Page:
April 24, 2014

Hespos Knows Math And Offers Solution

Posted by: of One By One Media on 08/23/06

We have been posting a recent theme here about monetizing blogs and how to make money with blogs and blogging.  We have ourselves jumped into marketing and advertising on this blog with ads.  For the average blogger off the street, it is difficult to understand the math associated with the various models of payments, be it “pay per click” or “cost per page views” or the many other models available.

Tom Hespos takes a look today at the math behind the direct response model of advertising and earnings and he had me hooked with his opening line:

“Take it from a media buyer. The blogosphere will not be able to sustain itself on the direct response “buy my crap” model that large sites use to cover their costs. Let’s do the math, shall we?”

Being a professional blogger and a person that derives income from my blogs I was immediately interested in why Tom felt my business model was headed for the drawing board.  As he runs through the numbers, I find myself nodding in agreement with the formula and his reasoning.  Then he hits me with the reality of my situation:

“AdSense and other pay-per-click programs that cater to direct response advertisers tend to pay for beer money to all but the biggest bloggers.”

Actually I don’t drink that much beer, and although I am not what he considers a big blogger, I think I get the gist of his statement.  Unless you are one of the A-list bloggers, you are merely wasting your time if you want to have any return on your blogging investment. The investment of time, effort, and perhaps a little money. What Tom does offer is a solution:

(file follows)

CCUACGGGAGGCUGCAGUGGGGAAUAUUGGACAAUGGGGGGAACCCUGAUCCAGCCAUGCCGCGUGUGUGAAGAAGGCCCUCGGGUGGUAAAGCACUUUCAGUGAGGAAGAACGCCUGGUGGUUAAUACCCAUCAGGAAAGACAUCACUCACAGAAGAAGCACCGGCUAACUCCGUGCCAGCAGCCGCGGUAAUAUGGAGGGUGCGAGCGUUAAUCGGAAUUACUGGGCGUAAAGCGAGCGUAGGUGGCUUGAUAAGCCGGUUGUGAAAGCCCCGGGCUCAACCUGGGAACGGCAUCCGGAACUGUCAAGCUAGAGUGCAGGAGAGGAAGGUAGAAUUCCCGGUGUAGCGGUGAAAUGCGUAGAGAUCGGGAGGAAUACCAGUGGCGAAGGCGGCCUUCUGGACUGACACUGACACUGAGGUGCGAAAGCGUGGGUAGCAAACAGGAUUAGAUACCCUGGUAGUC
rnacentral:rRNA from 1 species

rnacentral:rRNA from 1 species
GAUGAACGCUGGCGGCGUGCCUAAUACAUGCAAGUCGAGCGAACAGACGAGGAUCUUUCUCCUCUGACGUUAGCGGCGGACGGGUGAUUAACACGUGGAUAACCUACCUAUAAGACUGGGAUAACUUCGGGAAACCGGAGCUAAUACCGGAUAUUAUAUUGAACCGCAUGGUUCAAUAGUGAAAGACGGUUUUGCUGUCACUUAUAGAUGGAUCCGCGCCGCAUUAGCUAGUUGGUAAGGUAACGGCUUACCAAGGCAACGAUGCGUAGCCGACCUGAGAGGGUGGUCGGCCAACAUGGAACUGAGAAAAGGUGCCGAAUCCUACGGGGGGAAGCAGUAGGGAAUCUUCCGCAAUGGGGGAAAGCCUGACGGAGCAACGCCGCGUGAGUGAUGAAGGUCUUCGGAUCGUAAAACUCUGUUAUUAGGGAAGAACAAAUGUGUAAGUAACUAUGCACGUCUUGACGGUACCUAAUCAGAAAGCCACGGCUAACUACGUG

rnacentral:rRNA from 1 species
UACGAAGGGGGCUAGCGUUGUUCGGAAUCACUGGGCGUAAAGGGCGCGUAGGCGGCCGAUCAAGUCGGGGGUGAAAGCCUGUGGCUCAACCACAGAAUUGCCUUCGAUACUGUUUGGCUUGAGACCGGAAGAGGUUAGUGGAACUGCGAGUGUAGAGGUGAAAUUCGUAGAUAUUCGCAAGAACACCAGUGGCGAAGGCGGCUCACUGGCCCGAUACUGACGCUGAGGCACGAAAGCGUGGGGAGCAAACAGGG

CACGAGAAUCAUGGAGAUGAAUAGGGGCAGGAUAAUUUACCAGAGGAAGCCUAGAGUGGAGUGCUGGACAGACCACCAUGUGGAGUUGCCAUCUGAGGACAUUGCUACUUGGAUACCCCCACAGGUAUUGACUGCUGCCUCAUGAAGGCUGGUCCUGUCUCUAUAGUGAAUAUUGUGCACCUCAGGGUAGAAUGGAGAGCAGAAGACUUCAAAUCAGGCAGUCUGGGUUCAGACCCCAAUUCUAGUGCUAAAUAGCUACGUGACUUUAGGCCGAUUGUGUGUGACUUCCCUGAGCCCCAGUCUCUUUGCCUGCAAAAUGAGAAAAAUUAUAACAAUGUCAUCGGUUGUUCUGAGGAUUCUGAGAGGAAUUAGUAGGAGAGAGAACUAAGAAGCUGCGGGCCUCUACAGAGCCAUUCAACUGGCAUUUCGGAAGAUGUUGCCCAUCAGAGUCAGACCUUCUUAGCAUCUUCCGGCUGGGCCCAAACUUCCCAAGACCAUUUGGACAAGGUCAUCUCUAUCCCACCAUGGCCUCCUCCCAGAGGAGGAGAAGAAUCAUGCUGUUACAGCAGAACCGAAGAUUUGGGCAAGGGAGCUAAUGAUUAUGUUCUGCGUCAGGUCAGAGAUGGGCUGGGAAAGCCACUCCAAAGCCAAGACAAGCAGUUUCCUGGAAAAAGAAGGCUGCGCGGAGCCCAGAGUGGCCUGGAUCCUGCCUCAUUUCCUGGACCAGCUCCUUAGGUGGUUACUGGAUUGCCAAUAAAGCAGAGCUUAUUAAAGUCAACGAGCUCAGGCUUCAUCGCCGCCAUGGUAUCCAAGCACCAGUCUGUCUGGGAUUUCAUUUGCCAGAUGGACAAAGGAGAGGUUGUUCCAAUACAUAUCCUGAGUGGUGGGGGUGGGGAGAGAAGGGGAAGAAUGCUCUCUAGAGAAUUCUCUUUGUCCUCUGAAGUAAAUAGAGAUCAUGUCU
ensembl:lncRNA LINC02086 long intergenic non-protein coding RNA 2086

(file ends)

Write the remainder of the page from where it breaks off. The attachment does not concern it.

“If you do the math, it becomes obvious that in order to support itself, the blogosphere needs to sell itself not on response-generating ability, but on something else.”

“To me, that “something else” is audience engagement. And not the audience engagement the advertising community has been struggling to define.”

Thanks for the wake up call and your shot at a solution Tom. 

When I speak to client’s, they always want to learn about “Return On Investment” or ROI.  They want to know how many eyeballs they get and how much it will cost to get their campaign noticed using the blogosphere.  They don’t seem to understand the conversation that takes place in a blog model.  Hespos is discussing exactly that model.  The PPC model will soon run its effectiveness and with everyone on the planet with a blog, real estate will be easy to acquire.